As someone who has been toying around with the idea of moving back home, I’m always excited to watch videos like the one I’m about to share. Honestly, abroad is great! I guess I shouldn’t generalize… let me rephrase. The US is great! Especially when you’re close to family and loved ones. It’s not really like the days of my parents when one couldn’t really aspire for much and had to settle for not so great jobs. One can actually aspire to do great stuff in the US nowadays…BUTTTTT, and this is a VERY BIG BUT, abroad is NOT home! It’s just not the same. Inasmuch as I’ve started to feel like I’m back home when I return from a journey back to the States, the feeling is not quite the same as when I go back to Naija!

I’m sure moving back is tough. In fact, I caught up with a good friend who just relocated to Naij and has been there for about 3 weeks now. Here’s a quick summary of how that convo went:

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At the end of the day, moving home requires honesty with oneself. You’ve gotta know the type of person you are and have an idea of what you want in life. If you’re the kind that can’t stand lack of electricity, potholes, bad governance, greed, hardship, hustle-on-steroids, pollution, NON-EXISTENT CUSTOMER SERVICE (lol), lack of orderliness, corruption, did I already mention lawlessness? I’m sure you get my drift by now… then maybe Naij just isn’t for you. But if you’re able to see beyond all of this, or maybe you just want to make the country better by contributing your little bit, then Godspeed!!

Enjoy the video below and let us know what you think!

  1. Ohh my goodness living in nigeria can be a nightmare…where do i start the story of my frustration from?
    I have decided to have the mindset that everyone is mad except I have established the person’s sanity and that has been helpful cos nothing shocks me anymore. I might have been infected with some of the madness tho…lool

  2. lol…i was wondering if it’s possible to live there and not absorb some of the madness and bad behaviours….

  3. Understandably, living in Nigeria can be frustrating but on the flip side I’ve heard some very inspiring and encouraging stories of people who moved back and found themselves, especially business-wise. The American experience varies for a lot of people particularly if you are in america on a visa. Career navigation is like swimming with one hand tied behind your back. My advice to anyone is to make your own choice for your own reasons based on the options available to you because everyone’s story is different. In Nigeria you can be lining up next to someone who is raking in millions and someone who doesn’t know where their next meal is coming from. The Economic disparity is gargantuan. In my opinion, if you’re the career type that aims to rise within a stable company for 10-15 years, then america is for you. On the other hand, if you have business aspirations and ideas will help plug market and infrastructural gaps, then Nigeria beckons for you. Just have a plan either way you choose.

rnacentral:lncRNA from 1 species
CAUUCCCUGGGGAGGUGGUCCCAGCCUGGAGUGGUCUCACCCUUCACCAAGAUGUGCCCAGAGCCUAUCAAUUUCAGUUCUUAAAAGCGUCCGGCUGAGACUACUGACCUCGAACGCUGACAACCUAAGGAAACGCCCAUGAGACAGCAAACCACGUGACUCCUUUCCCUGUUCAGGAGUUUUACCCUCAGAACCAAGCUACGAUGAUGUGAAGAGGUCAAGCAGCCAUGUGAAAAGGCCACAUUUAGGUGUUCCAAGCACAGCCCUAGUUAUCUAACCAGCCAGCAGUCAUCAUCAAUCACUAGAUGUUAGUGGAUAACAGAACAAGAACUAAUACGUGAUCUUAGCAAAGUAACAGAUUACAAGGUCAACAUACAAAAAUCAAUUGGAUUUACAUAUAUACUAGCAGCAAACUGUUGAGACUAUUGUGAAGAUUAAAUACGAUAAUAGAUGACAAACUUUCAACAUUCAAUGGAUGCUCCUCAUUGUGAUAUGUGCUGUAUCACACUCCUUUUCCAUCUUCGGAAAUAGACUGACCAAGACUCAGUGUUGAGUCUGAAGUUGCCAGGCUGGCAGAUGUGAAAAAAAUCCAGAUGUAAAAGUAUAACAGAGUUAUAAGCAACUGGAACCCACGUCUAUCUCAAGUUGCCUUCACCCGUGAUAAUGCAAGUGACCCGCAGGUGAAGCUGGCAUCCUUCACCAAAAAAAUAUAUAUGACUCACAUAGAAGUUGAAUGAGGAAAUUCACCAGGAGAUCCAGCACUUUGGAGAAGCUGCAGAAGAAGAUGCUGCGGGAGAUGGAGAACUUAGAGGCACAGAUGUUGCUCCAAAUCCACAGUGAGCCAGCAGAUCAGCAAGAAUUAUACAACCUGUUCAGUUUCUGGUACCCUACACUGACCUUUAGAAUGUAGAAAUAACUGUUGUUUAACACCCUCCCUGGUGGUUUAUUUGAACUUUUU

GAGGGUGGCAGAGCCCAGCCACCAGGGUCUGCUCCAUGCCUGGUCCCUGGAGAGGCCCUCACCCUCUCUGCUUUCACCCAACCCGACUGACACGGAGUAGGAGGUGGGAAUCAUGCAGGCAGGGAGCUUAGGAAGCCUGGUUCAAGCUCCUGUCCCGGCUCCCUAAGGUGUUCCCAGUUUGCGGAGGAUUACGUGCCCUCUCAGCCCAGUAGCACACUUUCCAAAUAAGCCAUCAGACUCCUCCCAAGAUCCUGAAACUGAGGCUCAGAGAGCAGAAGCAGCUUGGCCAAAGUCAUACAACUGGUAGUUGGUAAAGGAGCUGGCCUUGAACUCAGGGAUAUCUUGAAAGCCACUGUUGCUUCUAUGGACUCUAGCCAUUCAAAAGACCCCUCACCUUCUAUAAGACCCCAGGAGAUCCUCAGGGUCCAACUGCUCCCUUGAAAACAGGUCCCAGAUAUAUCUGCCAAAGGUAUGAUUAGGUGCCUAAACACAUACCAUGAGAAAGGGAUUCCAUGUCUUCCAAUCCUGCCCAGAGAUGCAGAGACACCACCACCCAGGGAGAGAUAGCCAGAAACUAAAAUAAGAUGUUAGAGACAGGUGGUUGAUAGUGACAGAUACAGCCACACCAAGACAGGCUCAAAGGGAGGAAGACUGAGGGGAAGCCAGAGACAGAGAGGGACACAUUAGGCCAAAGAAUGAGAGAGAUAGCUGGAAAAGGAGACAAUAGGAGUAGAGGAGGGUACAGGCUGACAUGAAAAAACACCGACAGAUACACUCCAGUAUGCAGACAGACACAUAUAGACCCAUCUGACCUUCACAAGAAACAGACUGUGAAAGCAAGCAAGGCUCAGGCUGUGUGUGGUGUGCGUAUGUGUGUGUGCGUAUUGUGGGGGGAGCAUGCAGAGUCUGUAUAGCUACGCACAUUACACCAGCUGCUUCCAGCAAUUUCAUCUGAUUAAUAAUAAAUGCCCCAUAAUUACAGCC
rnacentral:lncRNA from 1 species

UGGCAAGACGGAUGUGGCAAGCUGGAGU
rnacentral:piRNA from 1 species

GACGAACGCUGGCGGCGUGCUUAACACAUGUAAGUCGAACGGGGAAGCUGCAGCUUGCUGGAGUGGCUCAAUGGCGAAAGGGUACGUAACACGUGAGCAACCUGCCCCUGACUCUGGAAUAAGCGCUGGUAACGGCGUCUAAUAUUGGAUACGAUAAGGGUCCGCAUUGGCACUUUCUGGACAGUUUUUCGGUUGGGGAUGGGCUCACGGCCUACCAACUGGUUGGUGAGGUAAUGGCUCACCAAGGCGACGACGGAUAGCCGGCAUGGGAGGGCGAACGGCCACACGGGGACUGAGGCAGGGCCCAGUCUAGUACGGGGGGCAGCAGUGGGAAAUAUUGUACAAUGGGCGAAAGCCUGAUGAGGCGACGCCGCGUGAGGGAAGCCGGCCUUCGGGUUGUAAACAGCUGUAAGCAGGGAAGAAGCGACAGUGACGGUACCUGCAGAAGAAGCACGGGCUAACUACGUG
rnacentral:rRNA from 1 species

1. You’re absolutely right! I think there’s a lot of opportunity for entrepreneurial type folks…you just have to know yourself and what you’re willing to put up with.

  4. According to Dangote, Nigeria is the best kept secret. i tend to agree with him but not entirely. Nigeria is still a country based on Mma Madu (who u know)…and if you are the type thats willing to work hard, leverage your connections and never say yes to mediocrity, you are likely to succeed.

    i love Nigeria…despite the trouble she brings; i’m looking forward to returning home for good…only this time, i’ll be well prepared.

    1. so you’ve returned home but left? why did you leave? what was that experience like?

      1. I did move back after Uni for 15months…did my nysc during this time and also ran a small business. It was tough and i wasnt fully prepared mentally, financially and emotionally lol; but im glad i had that experience…now i know what i really need to succeed when I eventually go back home again.

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